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Nicholas Institute for Environmental Policy Solutions
March 2015

Environmental and Economic Implications of Regional Bioenergy Policy

Environmental and Economic Implications of Regional Bioenergy Policy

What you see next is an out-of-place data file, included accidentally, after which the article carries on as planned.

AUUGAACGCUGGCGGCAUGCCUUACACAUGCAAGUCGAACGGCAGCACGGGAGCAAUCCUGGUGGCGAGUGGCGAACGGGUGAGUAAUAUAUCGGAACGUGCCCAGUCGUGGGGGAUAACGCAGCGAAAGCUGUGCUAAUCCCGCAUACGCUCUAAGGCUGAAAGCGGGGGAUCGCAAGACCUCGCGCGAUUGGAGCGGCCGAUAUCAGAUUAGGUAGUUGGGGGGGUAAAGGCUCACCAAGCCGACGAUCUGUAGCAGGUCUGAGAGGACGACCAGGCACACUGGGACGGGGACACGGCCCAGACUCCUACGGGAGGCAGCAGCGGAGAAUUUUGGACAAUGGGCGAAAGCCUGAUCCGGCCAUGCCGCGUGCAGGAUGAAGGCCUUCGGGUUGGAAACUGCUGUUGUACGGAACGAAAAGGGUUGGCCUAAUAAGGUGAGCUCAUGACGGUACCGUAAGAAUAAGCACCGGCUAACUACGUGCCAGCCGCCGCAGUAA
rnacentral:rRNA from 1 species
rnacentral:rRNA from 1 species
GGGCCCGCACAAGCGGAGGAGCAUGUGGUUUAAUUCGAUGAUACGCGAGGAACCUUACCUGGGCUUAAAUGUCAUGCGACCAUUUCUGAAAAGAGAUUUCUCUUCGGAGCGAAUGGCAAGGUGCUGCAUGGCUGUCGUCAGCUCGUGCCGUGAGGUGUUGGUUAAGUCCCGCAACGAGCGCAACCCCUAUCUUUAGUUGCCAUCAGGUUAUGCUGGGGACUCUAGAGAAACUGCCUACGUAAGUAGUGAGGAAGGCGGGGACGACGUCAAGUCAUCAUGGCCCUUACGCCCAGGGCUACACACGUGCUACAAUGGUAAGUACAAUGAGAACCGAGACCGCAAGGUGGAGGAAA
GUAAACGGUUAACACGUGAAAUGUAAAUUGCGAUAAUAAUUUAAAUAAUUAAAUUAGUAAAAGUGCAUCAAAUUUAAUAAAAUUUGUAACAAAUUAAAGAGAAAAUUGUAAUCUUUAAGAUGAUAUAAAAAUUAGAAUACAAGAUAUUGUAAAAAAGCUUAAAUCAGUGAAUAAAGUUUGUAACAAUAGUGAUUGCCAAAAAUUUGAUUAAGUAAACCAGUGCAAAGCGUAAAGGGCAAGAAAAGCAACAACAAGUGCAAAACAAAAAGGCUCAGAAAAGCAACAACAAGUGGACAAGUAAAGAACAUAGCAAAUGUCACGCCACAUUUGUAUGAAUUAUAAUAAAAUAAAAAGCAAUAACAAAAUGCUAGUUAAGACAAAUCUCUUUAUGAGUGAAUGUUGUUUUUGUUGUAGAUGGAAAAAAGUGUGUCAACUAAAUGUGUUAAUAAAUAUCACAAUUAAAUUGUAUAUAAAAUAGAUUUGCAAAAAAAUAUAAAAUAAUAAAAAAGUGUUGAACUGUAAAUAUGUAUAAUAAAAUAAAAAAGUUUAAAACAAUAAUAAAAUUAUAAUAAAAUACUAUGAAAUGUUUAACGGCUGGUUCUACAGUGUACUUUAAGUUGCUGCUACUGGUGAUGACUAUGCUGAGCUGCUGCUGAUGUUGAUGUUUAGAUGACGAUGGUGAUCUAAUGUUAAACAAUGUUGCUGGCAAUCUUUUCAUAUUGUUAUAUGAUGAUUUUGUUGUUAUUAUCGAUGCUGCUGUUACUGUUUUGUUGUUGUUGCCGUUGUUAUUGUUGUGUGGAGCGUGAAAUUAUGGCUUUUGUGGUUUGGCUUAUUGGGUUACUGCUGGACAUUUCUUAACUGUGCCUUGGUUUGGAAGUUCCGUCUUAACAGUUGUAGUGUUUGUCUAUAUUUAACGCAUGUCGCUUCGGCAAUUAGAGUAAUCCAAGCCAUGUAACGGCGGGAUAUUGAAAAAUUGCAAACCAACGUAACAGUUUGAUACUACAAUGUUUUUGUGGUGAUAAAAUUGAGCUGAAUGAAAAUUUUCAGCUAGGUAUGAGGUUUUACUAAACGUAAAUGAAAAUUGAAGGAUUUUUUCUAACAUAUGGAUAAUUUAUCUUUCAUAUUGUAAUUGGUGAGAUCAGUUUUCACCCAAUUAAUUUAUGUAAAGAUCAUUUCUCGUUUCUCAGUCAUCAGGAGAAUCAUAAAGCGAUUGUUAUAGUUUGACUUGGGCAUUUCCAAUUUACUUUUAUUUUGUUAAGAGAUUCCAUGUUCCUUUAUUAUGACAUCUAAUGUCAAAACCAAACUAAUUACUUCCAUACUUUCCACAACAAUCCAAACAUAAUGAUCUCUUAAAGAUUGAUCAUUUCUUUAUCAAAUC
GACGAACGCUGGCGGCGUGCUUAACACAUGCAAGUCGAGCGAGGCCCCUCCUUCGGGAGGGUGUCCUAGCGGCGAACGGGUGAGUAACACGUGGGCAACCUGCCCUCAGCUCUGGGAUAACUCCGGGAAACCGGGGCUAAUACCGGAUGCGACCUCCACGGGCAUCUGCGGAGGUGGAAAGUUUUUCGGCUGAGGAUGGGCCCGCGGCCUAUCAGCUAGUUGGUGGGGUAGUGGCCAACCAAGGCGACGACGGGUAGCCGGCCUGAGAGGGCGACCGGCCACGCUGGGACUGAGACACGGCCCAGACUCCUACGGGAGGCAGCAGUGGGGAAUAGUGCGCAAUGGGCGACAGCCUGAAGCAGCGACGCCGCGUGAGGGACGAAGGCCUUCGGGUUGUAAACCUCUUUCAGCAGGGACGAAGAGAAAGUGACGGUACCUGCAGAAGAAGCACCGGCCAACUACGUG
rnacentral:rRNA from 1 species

The unique generation, landownership, and resource attributes of the southeastern United States make the region a ripe and important test bed for implementation of novel renewable energy policy. This policy brief describes the environmental and economic implications of one policy intervention: a hypothetical region-wide renewable portfolio standard (RPS) with separate biomass targets or “carve-outs.” A study of this intervention shows that over time the dominant contributor to such an RPS would be forest biomass and that existing resource conditions would influence patterns of biomass harvesting, resulting in a spatially and temporally diverse forest carbon response. Net forest carbon storage in the Southeast would be greater with the hypothetical RPS than without it in all but the final years of the modeled time period, but when displaced fossil fuel emissions are accounted for net greenhouse gas (GHG) reductions over the period could be substantial. The methods and findings presented here are also relevant to a broader array of policies that could increase biomass demand from the region, including pellet exports from the United States to the European Union and regulation of greenhouse gases under the Clean Air Act.